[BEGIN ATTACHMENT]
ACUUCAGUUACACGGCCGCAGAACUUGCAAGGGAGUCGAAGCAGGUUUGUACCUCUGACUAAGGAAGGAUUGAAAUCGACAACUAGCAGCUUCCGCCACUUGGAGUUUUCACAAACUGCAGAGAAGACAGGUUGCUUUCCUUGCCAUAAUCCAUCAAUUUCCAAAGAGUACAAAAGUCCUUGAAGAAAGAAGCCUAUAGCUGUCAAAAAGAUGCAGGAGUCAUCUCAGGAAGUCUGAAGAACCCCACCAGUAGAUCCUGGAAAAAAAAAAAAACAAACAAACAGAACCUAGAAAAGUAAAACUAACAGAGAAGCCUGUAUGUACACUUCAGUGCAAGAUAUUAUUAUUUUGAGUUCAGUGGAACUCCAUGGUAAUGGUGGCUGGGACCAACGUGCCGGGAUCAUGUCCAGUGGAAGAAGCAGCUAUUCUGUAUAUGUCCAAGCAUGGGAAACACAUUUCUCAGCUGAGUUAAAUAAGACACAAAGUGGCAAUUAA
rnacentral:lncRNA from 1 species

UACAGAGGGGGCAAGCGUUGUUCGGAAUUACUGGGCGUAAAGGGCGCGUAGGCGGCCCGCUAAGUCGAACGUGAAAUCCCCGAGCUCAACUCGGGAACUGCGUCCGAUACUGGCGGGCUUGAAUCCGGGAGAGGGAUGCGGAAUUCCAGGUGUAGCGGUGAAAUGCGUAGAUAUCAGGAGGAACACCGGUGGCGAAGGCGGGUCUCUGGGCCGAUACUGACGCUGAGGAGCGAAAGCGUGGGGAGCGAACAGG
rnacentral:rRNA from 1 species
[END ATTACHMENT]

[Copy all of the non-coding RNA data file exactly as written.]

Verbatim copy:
ACUUCAGUUACACGGCCGCAGAACUUGCAAGGGAGUCGAAGCAGGUUUGUACCUCUGACUAAGGAAGGAUUGAAAUCGACAACUAGCAGCUUCCGCCACUUGGAGUUUUCACAAACUGCAGAGAAGACAGGUUGCUUUCCUUGCCAUAAUCCAUCAAUUUCCAAAGAGUACAAAAGUCCUUGAAGAAAGAAGCCUAUAGCUGUCAAAAAGAUGCAGGAGUCAUCUCAGGAAGUCUGAAGAACCCCACCAGUAGAUCCUGGAAAAAAAAAAAAACAAACAAACAGAACCUAGAAAAGUAAAACUAACAGAGAAGCCUGUAUGUACACUUCAGUGCAAGAUAUUAUUAUUUUGAGUUCAGUGGAACUCCAUGGUAAUGGUGGCUGGGACCAACGUGCCGGGAUCAUGUCCAGUGGAAGAAGCAGCUAUUCUGUAUAUGUCCAAGCAUGGGAAACACAUUUCUCAGCUGAGUUAAAUAAGACACAAAGUGGCAAUUAA
rnacentral:lncRNA from 1 species

UACAGAGGGGGCAAGCGUUGUUCGGAAUUACUGGGCGUAAAGGGCGCGUAGGCGGCCCGCUAAGUCGAACGUGAAAUCCCCGAGCUCAACUCGGGAACUGCGUCCGAUACUGGCGGGCUUGAAUCCGGGAGAGGGAUGCGGAAUUCCAGGUGUAGCGGUGAAAUGCGUAGAUAUCAGGAGGAACACCGGUGGCGAAGGCGGGUCUCUGGGCCGAUACUGACGCUGAGGAGCGAAAGCGUGGGGAGCGAACAGG
rnacentral:rRNA from 1 species